Necrotizing enterocolitis (NEC) is a life-threatening condition that typically affects premature infants. It is thought that the bowel wall is invaded by bacteria, leading to local inflammation and infection that can subsequently lead to ischemia and perforation. Common clinical features include feeding intolerance, abdominal distension, and hematochezia. Physical examination may reveal tenderness to palpation, abdominal mass, and erythema of the abdominal wall (1). Abdominal X-rays are essential for diagnosing and following the progression of NEC, revealing pneumatosis intestinalis, portal venous air, or dilated loops of the bowel (1). Laboratory tests have limited utility, but leukopenia, hyponatremia, and low serum bicarbonate may also support the diagnosis. Treatment involves supportive care with bowel rest, total parenteral nutrition, and gastric decompression via nasogastric (NG) tube. Broad-spectrum antibiotics are also part of routine therapy. Enteral feeds may be resumed once patients show clinical improvement which may take days to weeks. However, surgical intervention is necessary if the infant does not respond to medical treatment or develops a bowel perforation. Patients may also develop complications such as stricture, short bowel syndrome, and intestinal failure. Currently, the safe timing of endoscopy in patients following NEC is unclear.
This male patient was born full-term via repeat C-section with no prenatal or perinatal complications. At his 2-month well child check, a murmur was noted which led to the discovery of ventricular septal defects, coarctation of the aorta, bicuspid aortic valve, and patent ductus arteriosus. At this time, he was exclusively breastfed and growing well (90%ile for height, 50%ile for weight) without significant medical concerns. At 3 months, he was admitted for coarctation of the aorta and ventricular septal defects repair which proceeded without any major surgical events. However, on postoperative day (POD) 1, he required transfusion for hemoglobin 7.4 g/dL and hematocrit 21.7 with subsequent improvement. A NG tube was placed to administer aspirin, and postplacement kidney, ureter, and bladder X-ray incidentally revealed pneumatosis in the right upper quadrant. No prior images were available for comparison. Modified Bell stage was IIA based on radiographic signs, and pediatric surgery was consulted. The patient was made nil per os (NPO) and started on Zosyn until POD 8. Feeds were then restarted with breastmilk; however, the patient had two large bloody stools and was made NPO again. Aspirin was held due to hematochezia. C-Reactive Protein was noted to be 2.6 mg/dL (normal <0.9 mg/dL) on POD 12. Repeat kidney, ureter, and bladder X-ray on POD 12 and 13 were normal. The gastroenterology team was consulted on POD 13, at which time the patient’s examination revealed a slight murmur but overall unremarkable with a soft, non-tender, nondistended abdomen. Labs on POD 13 revealed down-trending leukocytes (12.8 × 103/uL), up-trending platelets (754,000/uL), and increasing hemoglobin (12.5 g/dL).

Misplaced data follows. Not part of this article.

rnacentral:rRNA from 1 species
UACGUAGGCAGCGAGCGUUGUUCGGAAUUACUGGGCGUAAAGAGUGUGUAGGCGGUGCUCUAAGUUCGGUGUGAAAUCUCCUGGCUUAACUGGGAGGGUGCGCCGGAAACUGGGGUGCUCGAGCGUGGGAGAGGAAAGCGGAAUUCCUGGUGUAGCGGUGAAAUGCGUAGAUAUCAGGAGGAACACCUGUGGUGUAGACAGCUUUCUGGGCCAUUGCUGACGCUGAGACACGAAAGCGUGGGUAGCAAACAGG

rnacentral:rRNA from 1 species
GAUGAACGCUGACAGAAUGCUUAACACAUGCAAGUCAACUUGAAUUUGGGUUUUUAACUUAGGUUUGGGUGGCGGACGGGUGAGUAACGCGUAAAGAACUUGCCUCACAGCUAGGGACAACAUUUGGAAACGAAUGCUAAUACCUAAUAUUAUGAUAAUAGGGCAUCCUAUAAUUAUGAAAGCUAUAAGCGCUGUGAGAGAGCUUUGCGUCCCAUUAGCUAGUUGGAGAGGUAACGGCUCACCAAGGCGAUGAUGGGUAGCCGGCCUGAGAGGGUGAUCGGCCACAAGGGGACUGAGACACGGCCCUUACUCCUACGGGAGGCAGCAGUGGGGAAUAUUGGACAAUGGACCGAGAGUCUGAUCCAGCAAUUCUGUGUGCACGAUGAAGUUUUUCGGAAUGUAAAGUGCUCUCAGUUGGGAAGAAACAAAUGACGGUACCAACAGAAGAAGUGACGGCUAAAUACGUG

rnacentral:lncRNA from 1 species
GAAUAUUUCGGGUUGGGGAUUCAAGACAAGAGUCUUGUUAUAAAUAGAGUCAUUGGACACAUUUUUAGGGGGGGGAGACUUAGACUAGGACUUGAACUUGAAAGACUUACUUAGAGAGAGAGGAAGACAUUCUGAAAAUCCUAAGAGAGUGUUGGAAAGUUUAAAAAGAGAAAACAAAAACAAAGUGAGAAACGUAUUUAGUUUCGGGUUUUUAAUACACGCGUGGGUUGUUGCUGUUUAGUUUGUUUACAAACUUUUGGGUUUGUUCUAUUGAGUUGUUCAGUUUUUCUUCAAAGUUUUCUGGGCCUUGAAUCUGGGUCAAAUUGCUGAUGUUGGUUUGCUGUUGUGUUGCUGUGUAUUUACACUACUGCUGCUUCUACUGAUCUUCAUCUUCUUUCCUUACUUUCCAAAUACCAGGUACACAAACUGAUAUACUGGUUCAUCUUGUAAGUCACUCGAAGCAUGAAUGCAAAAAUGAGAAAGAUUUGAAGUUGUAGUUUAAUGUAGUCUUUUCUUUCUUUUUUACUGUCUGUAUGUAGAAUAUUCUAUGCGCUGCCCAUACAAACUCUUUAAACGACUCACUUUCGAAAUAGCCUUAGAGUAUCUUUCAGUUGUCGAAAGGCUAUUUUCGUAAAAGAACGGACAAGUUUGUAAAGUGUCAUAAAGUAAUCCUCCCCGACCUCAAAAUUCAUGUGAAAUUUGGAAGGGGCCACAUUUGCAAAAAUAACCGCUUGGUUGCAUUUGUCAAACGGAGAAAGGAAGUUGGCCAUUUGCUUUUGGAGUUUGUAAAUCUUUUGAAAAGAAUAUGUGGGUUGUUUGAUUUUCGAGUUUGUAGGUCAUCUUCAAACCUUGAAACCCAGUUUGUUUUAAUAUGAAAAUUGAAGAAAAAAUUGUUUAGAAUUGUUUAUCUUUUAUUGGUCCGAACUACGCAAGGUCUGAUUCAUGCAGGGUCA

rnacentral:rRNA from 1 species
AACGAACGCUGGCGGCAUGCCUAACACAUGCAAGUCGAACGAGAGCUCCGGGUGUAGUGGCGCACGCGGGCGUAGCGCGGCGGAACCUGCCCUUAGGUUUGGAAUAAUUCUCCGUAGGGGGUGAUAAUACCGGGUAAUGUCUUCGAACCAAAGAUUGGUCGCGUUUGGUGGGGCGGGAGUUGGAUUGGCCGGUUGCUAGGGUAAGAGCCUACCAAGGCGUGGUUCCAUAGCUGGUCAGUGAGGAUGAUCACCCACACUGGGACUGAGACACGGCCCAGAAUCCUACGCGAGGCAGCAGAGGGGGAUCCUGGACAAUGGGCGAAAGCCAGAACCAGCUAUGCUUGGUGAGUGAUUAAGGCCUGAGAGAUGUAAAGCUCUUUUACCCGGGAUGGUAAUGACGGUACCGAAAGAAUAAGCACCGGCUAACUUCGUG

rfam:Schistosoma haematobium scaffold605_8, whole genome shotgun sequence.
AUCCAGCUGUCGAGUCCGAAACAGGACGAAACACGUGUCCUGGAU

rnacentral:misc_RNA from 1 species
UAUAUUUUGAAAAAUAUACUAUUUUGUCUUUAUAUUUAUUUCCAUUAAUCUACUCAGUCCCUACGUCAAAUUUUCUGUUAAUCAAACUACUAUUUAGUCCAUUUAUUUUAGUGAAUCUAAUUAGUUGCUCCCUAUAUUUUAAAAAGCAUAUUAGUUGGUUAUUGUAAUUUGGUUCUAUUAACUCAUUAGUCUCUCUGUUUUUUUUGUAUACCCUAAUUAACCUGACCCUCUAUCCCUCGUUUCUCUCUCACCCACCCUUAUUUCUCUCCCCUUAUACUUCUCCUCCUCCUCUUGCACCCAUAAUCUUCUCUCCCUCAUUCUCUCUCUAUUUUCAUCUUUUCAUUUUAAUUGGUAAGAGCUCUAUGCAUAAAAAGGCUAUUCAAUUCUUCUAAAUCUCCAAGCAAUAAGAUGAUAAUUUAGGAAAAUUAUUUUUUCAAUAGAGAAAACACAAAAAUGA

On POD 14, feeds were restarted with Elecare due to concern for cow’s milk protein intolerance (CMPI). Hematochezia was subsequently noted, and hemoglobin decreased to 9.3 g/dL. International Normalized Ratio was 1.2, Prothrombin Time 14.7 sec, and Activated Partial Thromboplastin Clotting Time 29.2 sec. He was made NPO again, and pantoprazole was started. At this time, the patient continued to be well appearing with benign examinations (Modified Bell stage IB). Consideration was given to possible Meckel’s diverticulum, gastric ulcer, or arteriovenous malformation (AVM) which would likely require embolization or surgical intervention. On POD 15, Meckel’s scan was negative. Computed tomography angiography revealed findings suggestive of diffuse bowel inflammation or infection with multiple segments of the small bowel and colon that demonstrated hyperenhancement of the mucosal lining (Fig. 1). However, the etiology of inflammation was unknown, and AVM was not definitively ruled out.